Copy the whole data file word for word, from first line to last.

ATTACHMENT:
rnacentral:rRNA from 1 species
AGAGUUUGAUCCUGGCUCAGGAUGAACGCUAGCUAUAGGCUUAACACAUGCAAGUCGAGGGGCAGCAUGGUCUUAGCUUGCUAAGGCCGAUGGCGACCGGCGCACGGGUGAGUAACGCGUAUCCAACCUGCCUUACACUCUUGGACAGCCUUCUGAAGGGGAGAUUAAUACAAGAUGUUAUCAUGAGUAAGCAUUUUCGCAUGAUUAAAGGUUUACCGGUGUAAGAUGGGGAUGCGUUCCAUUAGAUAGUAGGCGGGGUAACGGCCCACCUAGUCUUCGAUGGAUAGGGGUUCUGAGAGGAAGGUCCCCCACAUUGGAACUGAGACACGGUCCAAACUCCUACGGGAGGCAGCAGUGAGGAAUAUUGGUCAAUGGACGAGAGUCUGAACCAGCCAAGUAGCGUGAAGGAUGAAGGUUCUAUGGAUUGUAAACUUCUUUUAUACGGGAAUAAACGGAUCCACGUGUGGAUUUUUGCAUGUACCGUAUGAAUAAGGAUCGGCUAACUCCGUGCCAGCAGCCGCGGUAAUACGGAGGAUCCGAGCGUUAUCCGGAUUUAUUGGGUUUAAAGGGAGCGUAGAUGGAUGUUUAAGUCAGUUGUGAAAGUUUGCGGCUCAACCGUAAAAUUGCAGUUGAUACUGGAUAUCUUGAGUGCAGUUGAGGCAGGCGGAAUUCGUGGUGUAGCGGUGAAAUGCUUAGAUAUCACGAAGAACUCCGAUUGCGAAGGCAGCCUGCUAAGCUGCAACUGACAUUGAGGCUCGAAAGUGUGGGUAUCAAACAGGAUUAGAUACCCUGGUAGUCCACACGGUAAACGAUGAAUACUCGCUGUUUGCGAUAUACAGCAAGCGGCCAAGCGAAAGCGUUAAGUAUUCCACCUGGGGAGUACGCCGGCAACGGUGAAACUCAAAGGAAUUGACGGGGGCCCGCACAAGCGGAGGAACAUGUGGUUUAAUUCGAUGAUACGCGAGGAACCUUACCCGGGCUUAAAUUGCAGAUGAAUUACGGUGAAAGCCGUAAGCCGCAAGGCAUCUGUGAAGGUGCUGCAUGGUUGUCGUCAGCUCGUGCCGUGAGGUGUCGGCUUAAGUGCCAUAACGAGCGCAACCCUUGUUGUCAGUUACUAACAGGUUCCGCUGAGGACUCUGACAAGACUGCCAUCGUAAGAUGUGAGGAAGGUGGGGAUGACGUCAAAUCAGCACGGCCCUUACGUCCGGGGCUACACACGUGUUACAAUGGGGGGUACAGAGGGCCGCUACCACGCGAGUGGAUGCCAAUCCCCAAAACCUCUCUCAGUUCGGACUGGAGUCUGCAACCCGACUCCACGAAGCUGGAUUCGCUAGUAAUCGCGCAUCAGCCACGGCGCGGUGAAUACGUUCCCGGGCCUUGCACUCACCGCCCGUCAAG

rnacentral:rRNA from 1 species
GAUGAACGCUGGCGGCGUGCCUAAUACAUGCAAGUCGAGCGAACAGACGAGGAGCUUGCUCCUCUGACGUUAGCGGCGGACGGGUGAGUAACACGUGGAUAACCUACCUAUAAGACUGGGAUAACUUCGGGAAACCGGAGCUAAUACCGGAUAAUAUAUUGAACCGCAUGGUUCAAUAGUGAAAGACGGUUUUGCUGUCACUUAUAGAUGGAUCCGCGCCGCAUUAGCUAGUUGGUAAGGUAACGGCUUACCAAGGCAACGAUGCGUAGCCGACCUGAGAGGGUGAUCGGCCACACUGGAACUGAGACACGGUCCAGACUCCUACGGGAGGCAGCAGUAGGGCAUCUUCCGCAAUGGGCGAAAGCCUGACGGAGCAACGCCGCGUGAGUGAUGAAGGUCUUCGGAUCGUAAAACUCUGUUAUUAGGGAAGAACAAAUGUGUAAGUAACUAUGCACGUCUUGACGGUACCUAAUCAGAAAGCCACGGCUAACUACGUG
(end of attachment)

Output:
rnacentral:rRNA from 1 species
AGAGUUUGAUCCUGGCUCAGGAUGAACGCUAGCUAUAGGCUUAACACAUGCAAGUCGAGGGGCAGCAUGGUCUUAGCUUGCUAAGGCCGAUGGCGACCGGCGCACGGGUGAGUAACGCGUAUCCAACCUGCCUUACACUCUUGGACAGCCUUCUGAAGGGGAGAUUAAUACAAGAUGUUAUCAUGAGUAAGCAUUUUCGCAUGAUUAAAGGUUUACCGGUGUAAGAUGGGGAUGCGUUCCAUUAGAUAGUAGGCGGGGUAACGGCCCACCUAGUCUUCGAUGGAUAGGGGUUCUGAGAGGAAGGUCCCCCACAUUGGAACUGAGACACGGUCCAAACUCCUACGGGAGGCAGCAGUGAGGAAUAUUGGUCAAUGGACGAGAGUCUGAACCAGCCAAGUAGCGUGAAGGAUGAAGGUUCUAUGGAUUGUAAACUUCUUUUAUACGGGAAUAAACGGAUCCACGUGUGGAUUUUUGCAUGUACCGUAUGAAUAAGGAUCGGCUAACUCCGUGCCAGCAGCCGCGGUAAUACGGAGGAUCCGAGCGUUAUCCGGAUUUAUUGGGUUUAAAGGGAGCGUAGAUGGAUGUUUAAGUCAGUUGUGAAAGUUUGCGGCUCAACCGUAAAAUUGCAGUUGAUACUGGAUAUCUUGAGUGCAGUUGAGGCAGGCGGAAUUCGUGGUGUAGCGGUGAAAUGCUUAGAUAUCACGAAGAACUCCGAUUGCGAAGGCAGCCUGCUAAGCUGCAACUGACAUUGAGGCUCGAAAGUGUGGGUAUCAAACAGGAUUAGAUACCCUGGUAGUCCACACGGUAAACGAUGAAUACUCGCUGUUUGCGAUAUACAGCAAGCGGCCAAGCGAAAGCGUUAAGUAUUCCACCUGGGGAGUACGCCGGCAACGGUGAAACUCAAAGGAAUUGACGGGGGCCCGCACAAGCGGAGGAACAUGUGGUUUAAUUCGAUGAUACGCGAGGAACCUUACCCGGGCUUAAAUUGCAGAUGAAUUACGGUGAAAGCCGUAAGCCGCAAGGCAUCUGUGAAGGUGCUGCAUGGUUGUCGUCAGCUCGUGCCGUGAGGUGUCGGCUUAAGUGCCAUAACGAGCGCAACCCUUGUUGUCAGUUACUAACAGGUUCCGCUGAGGACUCUGACAAGACUGCCAUCGUAAGAUGUGAGGAAGGUGGGGAUGACGUCAAAUCAGCACGGCCCUUACGUCCGGGGCUACACACGUGUUACAAUGGGGGGUACAGAGGGCCGCUACCACGCGAGUGGAUGCCAAUCCCCAAAACCUCUCUCAGUUCGGACUGGAGUCUGCAACCCGACUCCACGAAGCUGGAUUCGCUAGUAAUCGCGCAUCAGCCACGGCGCGGUGAAUACGUUCCCGGGCCUUGCACUCACCGCCCGUCAAG

rnacentral:rRNA from 1 species
GAUGAACGCUGGCGGCGUGCCUAAUACAUGCAAGUCGAGCGAACAGACGAGGAGCUUGCUCCUCUGACGUUAGCGGCGGACGGGUGAGUAACACGUGGAUAACCUACCUAUAAGACUGGGAUAACUUCGGGAAACCGGAGCUAAUACCGGAUAAUAUAUUGAACCGCAUGGUUCAAUAGUGAAAGACGGUUUUGCUGUCACUUAUAGAUGGAUCCGCGCCGCAUUAGCUAGUUGGUAAGGUAACGGCUUACCAAGGCAACGAUGCGUAGCCGACCUGAGAGGGUGAUCGGCCACACUGGAACUGAGACACGGUCCAGACUCCUACGGGAGGCAGCAGUAGGGCAUCUUCCGCAAUGGGCGAAAGCCUGACGGAGCAACGCCGCGUGAGUGAUGAAGGUCUUCGGAUCGUAAAACUCUGUUAUUAGGGAAGAACAAAUGUGUAAGUAACUAUGCACGUCUUGACGGUACCUAAUCAGAAAGCCACGGCUAACUACGUG